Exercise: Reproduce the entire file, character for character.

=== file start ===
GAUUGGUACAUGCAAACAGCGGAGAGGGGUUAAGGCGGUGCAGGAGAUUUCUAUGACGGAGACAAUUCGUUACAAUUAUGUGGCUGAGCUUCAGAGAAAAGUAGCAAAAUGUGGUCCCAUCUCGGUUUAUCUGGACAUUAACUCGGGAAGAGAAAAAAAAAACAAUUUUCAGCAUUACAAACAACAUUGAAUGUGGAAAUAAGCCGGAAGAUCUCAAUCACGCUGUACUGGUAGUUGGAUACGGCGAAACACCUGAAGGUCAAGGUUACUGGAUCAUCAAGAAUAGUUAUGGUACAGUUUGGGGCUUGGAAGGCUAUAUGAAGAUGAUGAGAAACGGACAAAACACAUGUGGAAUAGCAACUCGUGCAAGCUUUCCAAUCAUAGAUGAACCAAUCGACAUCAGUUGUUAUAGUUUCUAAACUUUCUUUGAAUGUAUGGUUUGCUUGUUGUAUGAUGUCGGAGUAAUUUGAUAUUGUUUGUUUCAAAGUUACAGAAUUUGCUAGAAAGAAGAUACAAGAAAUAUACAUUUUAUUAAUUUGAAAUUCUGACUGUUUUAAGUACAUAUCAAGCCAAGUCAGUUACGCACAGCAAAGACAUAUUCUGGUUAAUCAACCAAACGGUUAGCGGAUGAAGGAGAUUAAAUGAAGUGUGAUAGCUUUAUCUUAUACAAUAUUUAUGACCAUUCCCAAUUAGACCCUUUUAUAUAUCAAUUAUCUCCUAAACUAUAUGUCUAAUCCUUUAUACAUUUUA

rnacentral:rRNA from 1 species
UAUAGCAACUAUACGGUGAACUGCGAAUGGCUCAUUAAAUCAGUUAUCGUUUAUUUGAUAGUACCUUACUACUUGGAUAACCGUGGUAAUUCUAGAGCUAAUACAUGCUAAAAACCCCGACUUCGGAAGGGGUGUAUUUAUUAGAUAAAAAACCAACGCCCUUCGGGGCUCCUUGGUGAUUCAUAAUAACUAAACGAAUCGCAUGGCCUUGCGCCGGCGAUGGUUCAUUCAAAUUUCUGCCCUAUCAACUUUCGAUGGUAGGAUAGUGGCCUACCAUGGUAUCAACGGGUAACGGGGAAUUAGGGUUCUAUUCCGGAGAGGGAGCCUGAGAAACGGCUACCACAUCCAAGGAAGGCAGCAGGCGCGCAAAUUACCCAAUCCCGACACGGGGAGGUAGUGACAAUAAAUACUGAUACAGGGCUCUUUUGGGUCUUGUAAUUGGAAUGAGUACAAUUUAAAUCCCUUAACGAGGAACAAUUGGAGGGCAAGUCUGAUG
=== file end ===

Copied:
GAUUGGUACAUGCAAACAGCGGAGAGGGGUUAAGGCGGUGCAGGAGAUUUCUAUGACGGAGACAAUUCGUUACAAUUAUGUGGCUGAGCUUCAGAGAAAAGUAGCAAAAUGUGGUCCCAUCUCGGUUUAUCUGGACAUUAACUCGGGAAGAGAAAAAAAAAACAAUUUUCAGCAUUACAAACAACAUUGAAUGUGGAAAUAAGCCGGAAGAUCUCAAUCACGCUGUACUGGUAGUUGGAUACGGCGAAACACCUGAAGGUCAAGGUUACUGGAUCAUCAAGAAUAGUUAUGGUACAGUUUGGGGCUUGGAAGGCUAUAUGAAGAUGAUGAGAAACGGACAAAACACAUGUGGAAUAGCAACUCGUGCAAGCUUUCCAAUCAUAGAUGAACCAAUCGACAUCAGUUGUUAUAGUUUCUAAACUUUCUUUGAAUGUAUGGUUUGCUUGUUGUAUGAUGUCGGAGUAAUUUGAUAUUGUUUGUUUCAAAGUUACAGAAUUUGCUAGAAAGAAGAUACAAGAAAUAUACAUUUUAUUAAUUUGAAAUUCUGACUGUUUUAAGUACAUAUCAAGCCAAGUCAGUUACGCACAGCAAAGACAUAUUCUGGUUAAUCAACCAAACGGUUAGCGGAUGAAGGAGAUUAAAUGAAGUGUGAUAGCUUUAUCUUAUACAAUAUUUAUGACCAUUCCCAAUUAGACCCUUUUAUAUAUCAAUUAUCUCCUAAACUAUAUGUCUAAUCCUUUAUACAUUUUA

rnacentral:rRNA from 1 species
UAUAGCAACUAUACGGUGAACUGCGAAUGGCUCAUUAAAUCAGUUAUCGUUUAUUUGAUAGUACCUUACUACUUGGAUAACCGUGGUAAUUCUAGAGCUAAUACAUGCUAAAAACCCCGACUUCGGAAGGGGUGUAUUUAUUAGAUAAAAAACCAACGCCCUUCGGGGCUCCUUGGUGAUUCAUAAUAACUAAACGAAUCGCAUGGCCUUGCGCCGGCGAUGGUUCAUUCAAAUUUCUGCCCUAUCAACUUUCGAUGGUAGGAUAGUGGCCUACCAUGGUAUCAACGGGUAACGGGGAAUUAGGGUUCUAUUCCGGAGAGGGAGCCUGAGAAACGGCUACCACAUCCAAGGAAGGCAGCAGGCGCGCAAAUUACCCAAUCCCGACACGGGGAGGUAGUGACAAUAAAUACUGAUACAGGGCUCUUUUGGGUCUUGUAAUUGGAAUGAGUACAAUUUAAAUCCCUUAACGAGGAACAAUUGGAGGGCAAGUCUGAUG